Still Sellotaping Scribbled Directions To Your Tank? – Not With The Best Biker Sat Navs!
Sometimes you just want to get on the bike and go. See where you end up. But when you’ve got to be at a certain place at a certain time, nothing beats having a sat nav on your bike.
There are plenty to choose from. You’ve got different sizes, different features, and some very different prices. So picking the best motorcycle GPS can be complicated. Our review of today’s top motorbike sat navs should help you decide.
Why Not Just Use Your Phone?
You could, but there are drawbacks. Not many phones are properly waterproof. The few that are usually cost more than the best sat navs – and phone mounting kits for motorbikes have a poor reputation. Do you really want six or seven hundred quids worth of phone bouncing down the road?
A motorcycle GPS is a dedicated device. Ever tried reading your phone in full sun? Motorcycle sat navs have anti-glare screens. They’re designed to be used with gloves on, are fully waterproof, warn you of speed cameras, etc. If you travel far, or often, getting one is a no-brainer.
Cheap Motorcycle GPS – A Deal or A Dog?
We’d probably get in trouble for slagging off any particular brand, so we won’t, but it bothers us when we see motorbike sat navs advertised with a mount that’s obviously for a car windscreen. Maybe they’re fine. Maybe they have accurate maps, are easy to update, are reliable… could be.
We’re going to spend a bit more. We like to know where we’re going!
Another way to save money is to buy a car sat nav – a good one from TomTom or Garmin – and then get a protective case. The problem there is you’ve got an extra plastic shield between your gloves and the touch screen. If you’ve got a car, plus a bike you don’t use often, it’s a sensible option. If you ride a lot, we’d suggest the one of the models below.
Getting What You Need
Garmin offer five models: the Zumo 345LM, the Zumo 395LM & 395LM Travel Edition, and Zumo 595LM & 595LM Travel Edition. The only difference with the ‘Travel Editions’ is that they have world maps instead of Euopean. The 345LM and 395LMs have 4.3″ screens, the 595LMs have 5″ screens.
Our original idea was to do a chart chart here, to compare each GPS. The problem is, even the entry-level bike sat navs have a huge range of features – we’d just ended up with columns full of ticks!
Whether you go for Garmin or TomTom you get:
- Screen sensitivity you can adjust for light or heavy gloves.
- 4 – 6 hours between charges (on-bike charging possible).
- Lifetime Map Updates.*
- Speed Camera Alerts.**
- An option to find ‘hilly’ or ‘twisty’ to make your ride more interesting.***
- Black Spot and Traffic Jam Alerts.****
- Nearby petrol stations, hotels, etc.
- Lane assist, junction view, “Real’ voice and navigation by recognizable landmarks.
- All except the Garmin Zumo 345LM work in portrait as well as landscape mode.
*The TomTom Rider 42 and Garmin Zumo 345LM have ‘regional’ maps – but they still cover western Europe, and that’s 20+ countries. Other models provide whole of Europe or World.
** The TomTom Rider 42 only gives you three months of speed camera alerts, then you have to download them again. It’s free, so why the hassle?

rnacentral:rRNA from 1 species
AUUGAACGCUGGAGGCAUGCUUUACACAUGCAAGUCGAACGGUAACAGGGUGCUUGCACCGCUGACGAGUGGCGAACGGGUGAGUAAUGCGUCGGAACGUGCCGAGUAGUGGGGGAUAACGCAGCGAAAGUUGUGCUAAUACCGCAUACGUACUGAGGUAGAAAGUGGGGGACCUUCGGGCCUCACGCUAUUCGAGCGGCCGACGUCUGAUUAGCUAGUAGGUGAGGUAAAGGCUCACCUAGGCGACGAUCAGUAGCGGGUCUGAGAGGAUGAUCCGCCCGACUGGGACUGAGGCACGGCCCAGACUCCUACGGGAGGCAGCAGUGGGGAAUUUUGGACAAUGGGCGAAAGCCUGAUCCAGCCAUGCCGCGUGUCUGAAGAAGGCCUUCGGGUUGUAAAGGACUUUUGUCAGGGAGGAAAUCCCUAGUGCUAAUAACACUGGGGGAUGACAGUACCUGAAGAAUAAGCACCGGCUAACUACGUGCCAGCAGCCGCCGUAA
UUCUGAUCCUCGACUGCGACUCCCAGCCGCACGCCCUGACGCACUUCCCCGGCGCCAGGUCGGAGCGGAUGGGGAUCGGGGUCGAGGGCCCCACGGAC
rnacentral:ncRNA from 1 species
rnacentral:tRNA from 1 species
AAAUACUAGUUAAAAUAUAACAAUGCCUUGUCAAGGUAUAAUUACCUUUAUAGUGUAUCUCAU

*** TomToms will also automatically find you a different return trip.
**** Garmins also have specific sharp curve and railway crossing alerts.
Garmin biker sat navs have a couple of interesting features that TomToms don’t, but they will cost you extra.
So technical differences are very small, and change every few months anyway. The question is, how do they actually perform?
Time to get out on the road.
We each have our preferences. You’ll find Garmin owners that think TomTom’s are junk, and vice versa. So the following is pretty subjective, but it comes from riders with lots of experience.
5 inch screens are great for visibility, and easier to operate with gloves on. It’s surprising how much bigger they are than a 4.3 inch model. If you’ve got a full-dress touring bike, or a custom, it’s easy to find room. On an adventure tourer or street bike, the smaller screen is probably better.
TomToms seem to be a bit slow to find a satellite – and for some reason don’t like being indoors. Trying to plan your route sat on your sofa soon gets frustrating. They’re find outdoors, so it’s a minor gripe.
On the other hand, we felt that Garmin’s live traffic updates weren’t as quick. There’s not a lot in it, but we’d run into jams a couple of times using a Garmin when we wouldn’t on the TomToms. To be fair, we’d have to run longer tests to come up with more than gut feelings.
Anti-glare screens on both Garmin and TomTom are better than they were, but could still be improved. Hoods are available for under a tenner if you find it annoying. They look a bit like the original TomTom Rider2, which had a hooded case. We wonder why that idea went away?
The ‘hilly’ or ‘twisty’ road options can be fun, but not always. It’s not unknown for riders to be led down a goat track, or other route that just can’t be navigated – unless your name is Lampkin.
The Best Motorcycle Sat Nav Is…
All five motorcycle sat navs in this review are good. Very good in fact. You have to be picky to find faults.
But we do have our favourites.
If you want a 4.3″ model, or money is tight, we’d go for the TomTom Rider 42. It doesn’t quite have the features of the Zumo 345LM, and the three month update on speed cameras is just silly, but it’s around sixty quid less.
If you’re going top end, the winner is the Garmin 595LM. It’s got a big, clear, easy-to-use screen and every feature you could think of, plus a couple you probably didn’t. We think it’s the best motorbike GPS available right now, and you’ll struggle to find anyone who disagrees.